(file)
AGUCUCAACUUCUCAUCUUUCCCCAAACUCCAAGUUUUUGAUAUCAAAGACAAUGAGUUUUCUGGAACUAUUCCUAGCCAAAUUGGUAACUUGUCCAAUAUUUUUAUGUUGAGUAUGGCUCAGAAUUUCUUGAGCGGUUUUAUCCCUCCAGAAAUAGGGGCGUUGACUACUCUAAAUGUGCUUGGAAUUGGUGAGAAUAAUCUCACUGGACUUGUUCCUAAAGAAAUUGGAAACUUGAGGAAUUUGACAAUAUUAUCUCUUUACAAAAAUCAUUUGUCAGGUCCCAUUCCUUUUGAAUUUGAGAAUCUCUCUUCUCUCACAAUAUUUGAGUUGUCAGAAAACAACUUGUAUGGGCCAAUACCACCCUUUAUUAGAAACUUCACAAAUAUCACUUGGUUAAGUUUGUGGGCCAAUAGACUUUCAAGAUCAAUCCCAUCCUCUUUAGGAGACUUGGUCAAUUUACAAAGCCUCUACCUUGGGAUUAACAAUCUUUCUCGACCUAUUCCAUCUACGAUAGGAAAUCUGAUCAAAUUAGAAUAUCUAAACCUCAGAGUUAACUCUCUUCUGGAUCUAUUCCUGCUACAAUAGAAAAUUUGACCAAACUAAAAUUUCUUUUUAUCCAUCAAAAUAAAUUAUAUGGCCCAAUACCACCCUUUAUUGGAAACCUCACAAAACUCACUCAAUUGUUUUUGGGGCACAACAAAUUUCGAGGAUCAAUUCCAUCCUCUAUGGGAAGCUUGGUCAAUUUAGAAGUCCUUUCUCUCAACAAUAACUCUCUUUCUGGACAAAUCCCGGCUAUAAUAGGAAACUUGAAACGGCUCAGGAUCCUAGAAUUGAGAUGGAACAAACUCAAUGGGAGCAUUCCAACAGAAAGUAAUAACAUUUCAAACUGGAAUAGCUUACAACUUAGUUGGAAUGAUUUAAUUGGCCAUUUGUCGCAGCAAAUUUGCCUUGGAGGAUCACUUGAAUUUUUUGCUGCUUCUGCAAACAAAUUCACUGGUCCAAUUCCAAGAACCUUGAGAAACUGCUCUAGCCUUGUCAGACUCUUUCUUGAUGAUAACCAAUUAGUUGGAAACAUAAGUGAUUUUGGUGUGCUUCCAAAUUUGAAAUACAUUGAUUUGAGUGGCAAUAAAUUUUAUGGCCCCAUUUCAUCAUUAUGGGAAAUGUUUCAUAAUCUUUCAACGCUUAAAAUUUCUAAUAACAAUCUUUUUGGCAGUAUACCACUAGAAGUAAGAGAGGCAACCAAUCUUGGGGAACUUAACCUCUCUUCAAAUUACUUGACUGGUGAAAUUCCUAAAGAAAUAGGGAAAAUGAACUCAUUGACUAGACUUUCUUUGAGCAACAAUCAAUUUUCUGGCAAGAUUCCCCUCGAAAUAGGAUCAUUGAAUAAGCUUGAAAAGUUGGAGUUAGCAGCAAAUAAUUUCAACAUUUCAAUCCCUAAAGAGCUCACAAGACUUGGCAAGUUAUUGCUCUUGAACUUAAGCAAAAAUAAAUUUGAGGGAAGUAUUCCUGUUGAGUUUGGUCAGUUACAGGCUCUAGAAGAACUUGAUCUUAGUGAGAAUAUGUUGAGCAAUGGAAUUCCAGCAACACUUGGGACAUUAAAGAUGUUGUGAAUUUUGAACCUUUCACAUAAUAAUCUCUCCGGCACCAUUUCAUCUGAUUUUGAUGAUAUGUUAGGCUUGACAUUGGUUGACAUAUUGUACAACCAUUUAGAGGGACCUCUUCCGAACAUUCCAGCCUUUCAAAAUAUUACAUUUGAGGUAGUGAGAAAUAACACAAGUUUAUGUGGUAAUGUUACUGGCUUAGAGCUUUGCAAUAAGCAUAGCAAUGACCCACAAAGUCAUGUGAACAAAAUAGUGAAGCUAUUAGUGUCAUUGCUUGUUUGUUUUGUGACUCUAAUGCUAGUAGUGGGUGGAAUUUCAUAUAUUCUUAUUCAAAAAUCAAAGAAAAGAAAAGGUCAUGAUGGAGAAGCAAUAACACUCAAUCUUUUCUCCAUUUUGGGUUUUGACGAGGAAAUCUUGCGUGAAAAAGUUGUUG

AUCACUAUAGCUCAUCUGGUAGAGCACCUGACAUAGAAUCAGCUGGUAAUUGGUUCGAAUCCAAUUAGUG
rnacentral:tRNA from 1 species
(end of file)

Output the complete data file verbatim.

AGUCUCAACUUCUCAUCUUUCCCCAAACUCCAAGUUUUUGAUAUCAAAGACAAUGAGUUUUCUGGAACUAUUCCUAGCCAAAUUGGUAACUUGUCCAAUAUUUUUAUGUUGAGUAUGGCUCAGAAUUUCUUGAGCGGUUUUAUCCCUCCAGAAAUAGGGGCGUUGACUACUCUAAAUGUGCUUGGAAUUGGUGAGAAUAAUCUCACUGGACUUGUUCCUAAAGAAAUUGGAAACUUGAGGAAUUUGACAAUAUUAUCUCUUUACAAAAAUCAUUUGUCAGGUCCCAUUCCUUUUGAAUUUGAGAAUCUCUCUUCUCUCACAAUAUUUGAGUUGUCAGAAAACAACUUGUAUGGGCCAAUACCACCCUUUAUUAGAAACUUCACAAAUAUCACUUGGUUAAGUUUGUGGGCCAAUAGACUUUCAAGAUCAAUCCCAUCCUCUUUAGGAGACUUGGUCAAUUUACAAAGCCUCUACCUUGGGAUUAACAAUCUUUCUCGACCUAUUCCAUCUACGAUAGGAAAUCUGAUCAAAUUAGAAUAUCUAAACCUCAGAGUUAACUCUCUUCUGGAUCUAUUCCUGCUACAAUAGAAAAUUUGACCAAACUAAAAUUUCUUUUUAUCCAUCAAAAUAAAUUAUAUGGCCCAAUACCACCCUUUAUUGGAAACCUCACAAAACUCACUCAAUUGUUUUUGGGGCACAACAAAUUUCGAGGAUCAAUUCCAUCCUCUAUGGGAAGCUUGGUCAAUUUAGAAGUCCUUUCUCUCAACAAUAACUCUCUUUCUGGACAAAUCCCGGCUAUAAUAGGAAACUUGAAACGGCUCAGGAUCCUAGAAUUGAGAUGGAACAAACUCAAUGGGAGCAUUCCAACAGAAAGUAAUAACAUUUCAAACUGGAAUAGCUUACAACUUAGUUGGAAUGAUUUAAUUGGCCAUUUGUCGCAGCAAAUUUGCCUUGGAGGAUCACUUGAAUUUUUUGCUGCUUCUGCAAACAAAUUCACUGGUCCAAUUCCAAGAACCUUGAGAAACUGCUCUAGCCUUGUCAGACUCUUUCUUGAUGAUAACCAAUUAGUUGGAAACAUAAGUGAUUUUGGUGUGCUUCCAAAUUUGAAAUACAUUGAUUUGAGUGGCAAUAAAUUUUAUGGCCCCAUUUCAUCAUUAUGGGAAAUGUUUCAUAAUCUUUCAACGCUUAAAAUUUCUAAUAACAAUCUUUUUGGCAGUAUACCACUAGAAGUAAGAGAGGCAACCAAUCUUGGGGAACUUAACCUCUCUUCAAAUUACUUGACUGGUGAAAUUCCUAAAGAAAUAGGGAAAAUGAACUCAUUGACUAGACUUUCUUUGAGCAACAAUCAAUUUUCUGGCAAGAUUCCCCUCGAAAUAGGAUCAUUGAAUAAGCUUGAAAAGUUGGAGUUAGCAGCAAAUAAUUUCAACAUUUCAAUCCCUAAAGAGCUCACAAGACUUGGCAAGUUAUUGCUCUUGAACUUAAGCAAAAAUAAAUUUGAGGGAAGUAUUCCUGUUGAGUUUGGUCAGUUACAGGCUCUAGAAGAACUUGAUCUUAGUGAGAAUAUGUUGAGCAAUGGAAUUCCAGCAACACUUGGGACAUUAAAGAUGUUGUGAAUUUUGAACCUUUCACAUAAUAAUCUCUCCGGCACCAUUUCAUCUGAUUUUGAUGAUAUGUUAGGCUUGACAUUGGUUGACAUAUUGUACAACCAUUUAGAGGGACCUCUUCCGAACAUUCCAGCCUUUCAAAAUAUUACAUUUGAGGUAGUGAGAAAUAACACAAGUUUAUGUGGUAAUGUUACUGGCUUAGAGCUUUGCAAUAAGCAUAGCAAUGACCCACAAAGUCAUGUGAACAAAAUAGUGAAGCUAUUAGUGUCAUUGCUUGUUUGUUUUGUGACUCUAAUGCUAGUAGUGGGUGGAAUUUCAUAUAUUCUUAUUCAAAAAUCAAAGAAAAGAAAAGGUCAUGAUGGAGAAGCAAUAACACUCAAUCUUUUCUCCAUUUUGGGUUUUGACGAGGAAAUCUUGCGUGAAAAAGUUGUUG

AUCACUAUAGCUCAUCUGGUAGAGCACCUGACAUAGAAUCAGCUGGUAAUUGGUUCGAAUCCAAUUAGUG
rnacentral:tRNA from 1 species